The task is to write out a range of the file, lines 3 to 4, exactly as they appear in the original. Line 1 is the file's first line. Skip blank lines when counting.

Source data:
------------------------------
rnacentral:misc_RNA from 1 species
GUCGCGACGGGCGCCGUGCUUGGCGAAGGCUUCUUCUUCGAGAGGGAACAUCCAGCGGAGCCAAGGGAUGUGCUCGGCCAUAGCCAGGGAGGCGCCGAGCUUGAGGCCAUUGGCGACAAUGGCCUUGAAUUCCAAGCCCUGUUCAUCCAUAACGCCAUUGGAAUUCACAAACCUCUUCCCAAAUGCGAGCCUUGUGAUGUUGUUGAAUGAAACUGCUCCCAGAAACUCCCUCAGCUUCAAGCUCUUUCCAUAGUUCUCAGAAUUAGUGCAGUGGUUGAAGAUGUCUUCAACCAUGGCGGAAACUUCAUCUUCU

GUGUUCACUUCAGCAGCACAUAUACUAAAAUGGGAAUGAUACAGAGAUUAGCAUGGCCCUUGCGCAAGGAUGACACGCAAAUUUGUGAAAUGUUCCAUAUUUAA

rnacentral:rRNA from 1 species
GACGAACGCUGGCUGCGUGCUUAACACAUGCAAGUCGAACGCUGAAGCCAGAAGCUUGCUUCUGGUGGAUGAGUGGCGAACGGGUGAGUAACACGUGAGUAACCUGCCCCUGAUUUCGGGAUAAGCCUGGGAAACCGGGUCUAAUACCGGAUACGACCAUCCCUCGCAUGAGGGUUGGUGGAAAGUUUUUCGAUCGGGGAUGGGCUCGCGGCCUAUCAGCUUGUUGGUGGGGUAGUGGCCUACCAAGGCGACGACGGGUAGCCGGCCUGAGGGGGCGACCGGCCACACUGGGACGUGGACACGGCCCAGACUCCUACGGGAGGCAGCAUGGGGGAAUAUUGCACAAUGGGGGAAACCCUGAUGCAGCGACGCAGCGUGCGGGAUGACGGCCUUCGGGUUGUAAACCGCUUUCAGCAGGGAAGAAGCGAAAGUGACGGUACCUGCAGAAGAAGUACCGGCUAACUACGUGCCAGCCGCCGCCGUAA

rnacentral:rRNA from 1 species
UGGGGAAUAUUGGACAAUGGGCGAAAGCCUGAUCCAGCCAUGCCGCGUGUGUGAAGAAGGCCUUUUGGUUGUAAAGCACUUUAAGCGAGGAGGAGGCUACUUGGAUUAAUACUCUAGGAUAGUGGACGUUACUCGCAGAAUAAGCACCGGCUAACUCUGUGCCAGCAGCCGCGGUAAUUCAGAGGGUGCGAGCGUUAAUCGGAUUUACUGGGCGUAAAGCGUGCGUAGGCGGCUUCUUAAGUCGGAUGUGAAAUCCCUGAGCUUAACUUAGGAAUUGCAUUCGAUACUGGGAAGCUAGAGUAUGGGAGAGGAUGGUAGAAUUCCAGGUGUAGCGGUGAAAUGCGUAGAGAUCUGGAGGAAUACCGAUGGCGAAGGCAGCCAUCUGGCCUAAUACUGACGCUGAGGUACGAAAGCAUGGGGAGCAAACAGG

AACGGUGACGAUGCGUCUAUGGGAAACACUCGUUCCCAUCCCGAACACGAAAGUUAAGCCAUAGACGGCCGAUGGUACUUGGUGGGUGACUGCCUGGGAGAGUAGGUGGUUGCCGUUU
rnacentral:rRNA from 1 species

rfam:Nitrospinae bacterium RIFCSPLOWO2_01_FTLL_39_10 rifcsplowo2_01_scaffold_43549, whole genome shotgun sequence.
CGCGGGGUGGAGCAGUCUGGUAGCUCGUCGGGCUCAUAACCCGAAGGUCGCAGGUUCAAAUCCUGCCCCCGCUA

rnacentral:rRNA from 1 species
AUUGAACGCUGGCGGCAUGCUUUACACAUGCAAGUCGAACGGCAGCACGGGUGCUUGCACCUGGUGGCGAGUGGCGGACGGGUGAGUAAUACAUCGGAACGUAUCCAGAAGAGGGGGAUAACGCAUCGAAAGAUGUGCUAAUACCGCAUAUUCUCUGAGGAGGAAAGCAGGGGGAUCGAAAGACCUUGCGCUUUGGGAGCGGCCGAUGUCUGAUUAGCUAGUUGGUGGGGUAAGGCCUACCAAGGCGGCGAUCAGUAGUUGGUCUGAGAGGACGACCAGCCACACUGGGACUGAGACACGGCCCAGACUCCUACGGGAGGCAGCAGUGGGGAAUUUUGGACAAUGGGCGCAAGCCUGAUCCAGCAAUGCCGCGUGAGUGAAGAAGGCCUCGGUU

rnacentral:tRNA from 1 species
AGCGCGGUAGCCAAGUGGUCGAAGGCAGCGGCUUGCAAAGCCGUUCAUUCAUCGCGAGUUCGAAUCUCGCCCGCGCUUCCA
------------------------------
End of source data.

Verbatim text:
GUGUUCACUUCAGCAGCACAUAUACUAAAAUGGGAAUGAUACAGAGAUUAGCAUGGCCCUUGCGCAAGGAUGACACGCAAAUUUGUGAAAUGUUCCAUAUUUAA

rnacentral:rRNA from 1 species